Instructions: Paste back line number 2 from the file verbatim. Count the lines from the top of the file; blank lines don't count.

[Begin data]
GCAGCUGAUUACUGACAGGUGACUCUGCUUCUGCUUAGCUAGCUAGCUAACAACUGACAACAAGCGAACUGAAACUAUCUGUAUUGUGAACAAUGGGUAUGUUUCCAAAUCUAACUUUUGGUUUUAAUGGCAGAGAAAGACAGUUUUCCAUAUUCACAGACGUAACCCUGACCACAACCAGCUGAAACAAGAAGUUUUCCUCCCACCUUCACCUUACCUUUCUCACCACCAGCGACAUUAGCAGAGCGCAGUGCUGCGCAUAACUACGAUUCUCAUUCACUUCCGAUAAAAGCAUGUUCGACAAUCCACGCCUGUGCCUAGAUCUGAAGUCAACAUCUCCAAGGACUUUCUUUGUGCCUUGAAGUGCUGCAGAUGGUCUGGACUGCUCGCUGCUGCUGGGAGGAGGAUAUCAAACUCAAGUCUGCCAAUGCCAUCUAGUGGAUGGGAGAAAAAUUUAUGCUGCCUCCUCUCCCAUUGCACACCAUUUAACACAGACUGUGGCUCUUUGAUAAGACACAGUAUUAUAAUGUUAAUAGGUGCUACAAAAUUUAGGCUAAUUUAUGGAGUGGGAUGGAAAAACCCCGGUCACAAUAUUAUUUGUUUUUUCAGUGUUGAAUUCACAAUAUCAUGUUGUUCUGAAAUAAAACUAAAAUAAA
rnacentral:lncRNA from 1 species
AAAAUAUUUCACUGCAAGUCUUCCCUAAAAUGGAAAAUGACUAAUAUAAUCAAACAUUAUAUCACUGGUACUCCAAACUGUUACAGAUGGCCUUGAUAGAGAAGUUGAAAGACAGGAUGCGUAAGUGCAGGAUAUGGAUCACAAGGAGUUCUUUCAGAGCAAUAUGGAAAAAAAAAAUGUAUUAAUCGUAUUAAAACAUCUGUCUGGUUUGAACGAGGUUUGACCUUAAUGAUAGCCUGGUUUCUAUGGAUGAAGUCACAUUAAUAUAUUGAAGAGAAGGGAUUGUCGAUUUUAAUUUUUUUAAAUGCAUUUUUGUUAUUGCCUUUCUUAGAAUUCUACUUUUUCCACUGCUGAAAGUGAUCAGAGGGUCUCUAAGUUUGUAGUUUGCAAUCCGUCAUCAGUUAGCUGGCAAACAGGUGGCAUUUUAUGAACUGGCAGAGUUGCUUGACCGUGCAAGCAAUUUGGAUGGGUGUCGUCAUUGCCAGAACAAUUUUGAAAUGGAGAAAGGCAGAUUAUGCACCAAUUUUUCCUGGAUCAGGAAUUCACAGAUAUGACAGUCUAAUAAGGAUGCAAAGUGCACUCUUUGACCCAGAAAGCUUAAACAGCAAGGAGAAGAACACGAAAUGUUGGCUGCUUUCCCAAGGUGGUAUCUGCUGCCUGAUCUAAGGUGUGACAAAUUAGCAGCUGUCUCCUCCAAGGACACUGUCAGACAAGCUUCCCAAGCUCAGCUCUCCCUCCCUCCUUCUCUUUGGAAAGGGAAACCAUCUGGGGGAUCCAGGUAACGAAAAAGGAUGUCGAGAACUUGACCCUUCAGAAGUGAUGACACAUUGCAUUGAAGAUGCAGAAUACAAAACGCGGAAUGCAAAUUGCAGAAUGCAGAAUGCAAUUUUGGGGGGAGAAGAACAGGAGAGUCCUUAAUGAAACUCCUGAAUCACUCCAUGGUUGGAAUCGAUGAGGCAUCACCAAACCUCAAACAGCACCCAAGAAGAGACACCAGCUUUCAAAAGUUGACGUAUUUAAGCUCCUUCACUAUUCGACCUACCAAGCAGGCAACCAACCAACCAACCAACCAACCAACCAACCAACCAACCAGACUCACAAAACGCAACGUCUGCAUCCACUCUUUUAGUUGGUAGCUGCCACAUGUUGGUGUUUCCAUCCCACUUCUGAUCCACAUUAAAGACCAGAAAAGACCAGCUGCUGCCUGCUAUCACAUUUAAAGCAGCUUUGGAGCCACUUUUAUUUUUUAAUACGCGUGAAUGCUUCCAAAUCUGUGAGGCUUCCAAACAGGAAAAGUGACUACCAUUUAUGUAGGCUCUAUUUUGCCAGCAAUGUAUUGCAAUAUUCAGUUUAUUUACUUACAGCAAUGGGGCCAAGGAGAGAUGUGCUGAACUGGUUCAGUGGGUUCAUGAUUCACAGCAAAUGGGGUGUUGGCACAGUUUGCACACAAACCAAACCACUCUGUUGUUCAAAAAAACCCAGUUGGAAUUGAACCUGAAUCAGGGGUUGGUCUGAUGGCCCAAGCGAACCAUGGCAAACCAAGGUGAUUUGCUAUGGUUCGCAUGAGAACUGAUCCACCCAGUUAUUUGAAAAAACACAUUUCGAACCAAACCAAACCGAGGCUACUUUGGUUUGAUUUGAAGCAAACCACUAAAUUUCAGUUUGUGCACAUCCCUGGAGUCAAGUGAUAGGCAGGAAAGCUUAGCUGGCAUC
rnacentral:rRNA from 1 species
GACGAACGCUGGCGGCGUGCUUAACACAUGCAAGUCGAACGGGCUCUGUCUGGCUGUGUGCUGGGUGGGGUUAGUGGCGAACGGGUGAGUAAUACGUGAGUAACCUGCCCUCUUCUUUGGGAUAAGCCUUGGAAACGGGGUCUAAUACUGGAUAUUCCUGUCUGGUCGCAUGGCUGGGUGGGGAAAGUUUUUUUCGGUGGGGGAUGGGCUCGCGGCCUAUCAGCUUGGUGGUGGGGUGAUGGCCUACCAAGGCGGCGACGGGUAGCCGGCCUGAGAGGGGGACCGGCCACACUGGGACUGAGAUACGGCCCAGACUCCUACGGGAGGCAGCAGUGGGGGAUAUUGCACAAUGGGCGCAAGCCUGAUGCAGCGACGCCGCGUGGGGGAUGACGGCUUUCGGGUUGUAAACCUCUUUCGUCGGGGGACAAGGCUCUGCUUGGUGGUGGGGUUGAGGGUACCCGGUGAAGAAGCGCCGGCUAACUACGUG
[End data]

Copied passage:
rnacentral:lncRNA from 1 species